The two-story K Street School opened for classes Sept. 16, 1889, with three teachers and 50 students. Made of brick, the school was designed by architect R.L. Young and built for $20,000.
The basic design was an inner square with four short wings. At its center were two octagonal central halls on the first and second floors. The hall on the second floor served as an auditorium seating 600.
An early map of the school shows a nearby “play shed” and separate toilets at the corner of the property for boys and girls.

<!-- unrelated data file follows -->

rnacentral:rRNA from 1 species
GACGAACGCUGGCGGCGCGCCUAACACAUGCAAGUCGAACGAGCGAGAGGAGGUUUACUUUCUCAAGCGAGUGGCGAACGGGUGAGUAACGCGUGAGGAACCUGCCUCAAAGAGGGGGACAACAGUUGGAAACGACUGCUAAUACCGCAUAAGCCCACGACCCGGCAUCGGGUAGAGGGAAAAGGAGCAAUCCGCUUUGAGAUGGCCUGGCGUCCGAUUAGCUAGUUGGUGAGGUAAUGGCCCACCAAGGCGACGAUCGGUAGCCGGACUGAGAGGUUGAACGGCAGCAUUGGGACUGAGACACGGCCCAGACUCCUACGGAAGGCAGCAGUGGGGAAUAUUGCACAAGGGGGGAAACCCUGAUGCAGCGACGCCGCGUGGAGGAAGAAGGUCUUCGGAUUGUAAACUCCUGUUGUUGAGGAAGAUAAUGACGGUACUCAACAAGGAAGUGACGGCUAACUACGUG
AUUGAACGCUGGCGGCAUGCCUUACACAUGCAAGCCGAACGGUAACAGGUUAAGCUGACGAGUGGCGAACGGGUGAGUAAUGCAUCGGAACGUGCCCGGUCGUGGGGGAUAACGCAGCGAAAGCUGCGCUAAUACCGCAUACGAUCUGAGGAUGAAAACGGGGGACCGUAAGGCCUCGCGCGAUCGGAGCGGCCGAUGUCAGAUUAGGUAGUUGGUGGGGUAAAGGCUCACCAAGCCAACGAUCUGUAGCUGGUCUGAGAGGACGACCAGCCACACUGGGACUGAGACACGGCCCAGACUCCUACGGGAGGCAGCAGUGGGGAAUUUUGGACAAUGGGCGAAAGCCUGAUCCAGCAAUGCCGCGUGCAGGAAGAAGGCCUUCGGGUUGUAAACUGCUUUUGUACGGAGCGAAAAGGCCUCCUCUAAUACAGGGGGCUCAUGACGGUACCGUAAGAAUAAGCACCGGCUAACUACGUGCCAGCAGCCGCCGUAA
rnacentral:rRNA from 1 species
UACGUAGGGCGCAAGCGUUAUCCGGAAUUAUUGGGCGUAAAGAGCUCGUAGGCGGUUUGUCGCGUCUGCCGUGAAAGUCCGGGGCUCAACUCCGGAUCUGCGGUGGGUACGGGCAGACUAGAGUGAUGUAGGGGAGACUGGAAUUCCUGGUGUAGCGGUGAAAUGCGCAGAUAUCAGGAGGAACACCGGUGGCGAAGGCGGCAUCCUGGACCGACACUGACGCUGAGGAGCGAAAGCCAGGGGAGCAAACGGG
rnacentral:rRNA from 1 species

Tragedy struck the school before it began. While waiting for classes to start, three boys found their way into the school’s third-story belfry. One of the boys, Henry Church, fell to his death during horseplay. The bell tower was torn down in the early 1900s.
The school eventually became known as Emerson School, and kindergarten through sixth grades were taught in 12 classrooms. Author William Saroyan was Emerson’s most famous student.
High school classes were held on the second floor until Fresno High School was built at O and Tuolumne streets in 1896. The school was torn down in the 1930s.
An early day student recalled in The Fresno Bee in 1962 that in the rainy season when the streets would flood, enthusiastic kids would row washtub boats down the street to get to school.